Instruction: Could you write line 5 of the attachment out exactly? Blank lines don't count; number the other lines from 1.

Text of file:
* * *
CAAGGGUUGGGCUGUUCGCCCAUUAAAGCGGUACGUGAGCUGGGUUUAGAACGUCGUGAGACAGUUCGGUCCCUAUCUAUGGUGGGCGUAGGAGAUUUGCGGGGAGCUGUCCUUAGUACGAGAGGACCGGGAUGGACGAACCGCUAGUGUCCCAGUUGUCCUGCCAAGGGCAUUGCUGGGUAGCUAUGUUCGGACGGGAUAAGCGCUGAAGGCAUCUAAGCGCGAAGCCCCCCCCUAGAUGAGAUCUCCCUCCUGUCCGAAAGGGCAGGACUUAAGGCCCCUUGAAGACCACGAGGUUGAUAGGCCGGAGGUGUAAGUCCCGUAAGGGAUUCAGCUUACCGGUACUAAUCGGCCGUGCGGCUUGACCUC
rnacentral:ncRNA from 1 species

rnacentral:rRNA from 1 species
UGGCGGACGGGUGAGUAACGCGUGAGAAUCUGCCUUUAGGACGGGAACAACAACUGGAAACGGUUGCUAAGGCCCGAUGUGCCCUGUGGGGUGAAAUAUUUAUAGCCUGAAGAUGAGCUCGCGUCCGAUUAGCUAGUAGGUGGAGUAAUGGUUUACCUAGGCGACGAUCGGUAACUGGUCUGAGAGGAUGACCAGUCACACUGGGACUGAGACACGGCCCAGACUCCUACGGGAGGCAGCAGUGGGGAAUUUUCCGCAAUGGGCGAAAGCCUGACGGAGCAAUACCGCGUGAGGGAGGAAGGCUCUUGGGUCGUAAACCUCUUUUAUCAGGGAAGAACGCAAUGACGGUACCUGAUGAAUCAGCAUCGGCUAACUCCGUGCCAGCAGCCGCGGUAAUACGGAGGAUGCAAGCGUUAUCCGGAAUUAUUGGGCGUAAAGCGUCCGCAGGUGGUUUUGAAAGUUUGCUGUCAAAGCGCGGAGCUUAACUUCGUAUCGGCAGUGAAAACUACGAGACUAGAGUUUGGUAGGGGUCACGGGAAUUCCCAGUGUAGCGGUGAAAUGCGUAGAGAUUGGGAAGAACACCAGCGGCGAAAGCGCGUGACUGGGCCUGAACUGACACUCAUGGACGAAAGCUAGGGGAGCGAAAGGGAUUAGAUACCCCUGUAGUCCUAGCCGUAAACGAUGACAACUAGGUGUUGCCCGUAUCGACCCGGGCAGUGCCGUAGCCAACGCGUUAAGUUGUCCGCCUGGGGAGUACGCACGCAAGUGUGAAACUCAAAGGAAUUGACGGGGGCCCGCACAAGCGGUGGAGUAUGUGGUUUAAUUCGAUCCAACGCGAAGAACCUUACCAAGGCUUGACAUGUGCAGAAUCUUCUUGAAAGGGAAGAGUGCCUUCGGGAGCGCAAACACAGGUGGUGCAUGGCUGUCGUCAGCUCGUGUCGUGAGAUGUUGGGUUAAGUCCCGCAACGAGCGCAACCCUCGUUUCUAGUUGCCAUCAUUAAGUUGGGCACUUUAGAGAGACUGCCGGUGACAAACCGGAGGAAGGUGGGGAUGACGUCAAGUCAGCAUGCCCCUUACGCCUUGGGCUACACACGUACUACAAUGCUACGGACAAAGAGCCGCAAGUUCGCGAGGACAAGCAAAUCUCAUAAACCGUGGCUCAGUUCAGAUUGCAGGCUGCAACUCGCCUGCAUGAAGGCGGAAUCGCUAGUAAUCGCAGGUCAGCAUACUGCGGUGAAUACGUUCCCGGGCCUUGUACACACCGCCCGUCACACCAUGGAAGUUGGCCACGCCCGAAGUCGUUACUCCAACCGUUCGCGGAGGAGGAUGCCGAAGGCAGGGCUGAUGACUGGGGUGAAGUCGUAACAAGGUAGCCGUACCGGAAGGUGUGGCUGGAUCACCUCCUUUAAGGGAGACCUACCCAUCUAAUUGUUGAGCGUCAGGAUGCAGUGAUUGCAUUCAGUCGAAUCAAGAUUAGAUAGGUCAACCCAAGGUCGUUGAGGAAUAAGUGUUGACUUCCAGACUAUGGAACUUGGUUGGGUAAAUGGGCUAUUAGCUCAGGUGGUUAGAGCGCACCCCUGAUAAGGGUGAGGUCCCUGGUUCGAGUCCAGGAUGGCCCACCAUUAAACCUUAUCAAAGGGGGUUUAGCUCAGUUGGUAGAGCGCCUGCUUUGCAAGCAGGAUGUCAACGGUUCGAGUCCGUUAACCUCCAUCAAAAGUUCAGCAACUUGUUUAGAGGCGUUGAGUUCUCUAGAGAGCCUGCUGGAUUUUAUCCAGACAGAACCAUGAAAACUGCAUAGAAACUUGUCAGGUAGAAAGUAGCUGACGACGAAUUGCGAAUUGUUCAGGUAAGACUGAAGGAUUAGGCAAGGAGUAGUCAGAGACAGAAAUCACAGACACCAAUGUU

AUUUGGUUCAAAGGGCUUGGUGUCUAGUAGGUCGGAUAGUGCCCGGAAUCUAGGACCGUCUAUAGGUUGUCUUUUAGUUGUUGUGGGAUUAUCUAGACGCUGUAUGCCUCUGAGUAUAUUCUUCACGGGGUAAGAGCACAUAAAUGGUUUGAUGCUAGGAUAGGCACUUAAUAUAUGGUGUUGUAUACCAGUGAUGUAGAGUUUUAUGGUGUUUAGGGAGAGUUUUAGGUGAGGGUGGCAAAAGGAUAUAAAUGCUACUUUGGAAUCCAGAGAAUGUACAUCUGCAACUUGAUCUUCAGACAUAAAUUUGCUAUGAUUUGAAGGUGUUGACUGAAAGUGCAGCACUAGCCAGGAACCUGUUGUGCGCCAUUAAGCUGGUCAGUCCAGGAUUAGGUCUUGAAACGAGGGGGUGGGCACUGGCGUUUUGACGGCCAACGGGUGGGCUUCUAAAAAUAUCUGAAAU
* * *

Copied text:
AUUUGGUUCAAAGGGCUUGGUGUCUAGUAGGUCGGAUAGUGCCCGGAAUCUAGGACCGUCUAUAGGUUGUCUUUUAGUUGUUGUGGGAUUAUCUAGACGCUGUAUGCCUCUGAGUAUAUUCUUCACGGGGUAAGAGCACAUAAAUGGUUUGAUGCUAGGAUAGGCACUUAAUAUAUGGUGUUGUAUACCAGUGAUGUAGAGUUUUAUGGUGUUUAGGGAGAGUUUUAGGUGAGGGUGGCAAAAGGAUAUAAAUGCUACUUUGGAAUCCAGAGAAUGUACAUCUGCAACUUGAUCUUCAGACAUAAAUUUGCUAUGAUUUGAAGGUGUUGACUGAAAGUGCAGCACUAGCCAGGAACCUGUUGUGCGCCAUUAAGCUGGUCAGUCCAGGAUUAGGUCUUGAAACGAGGGGGUGGGCACUGGCGUUUUGACGGCCAACGGGUGGGCUUCUAAAAAUAUCUGAAAU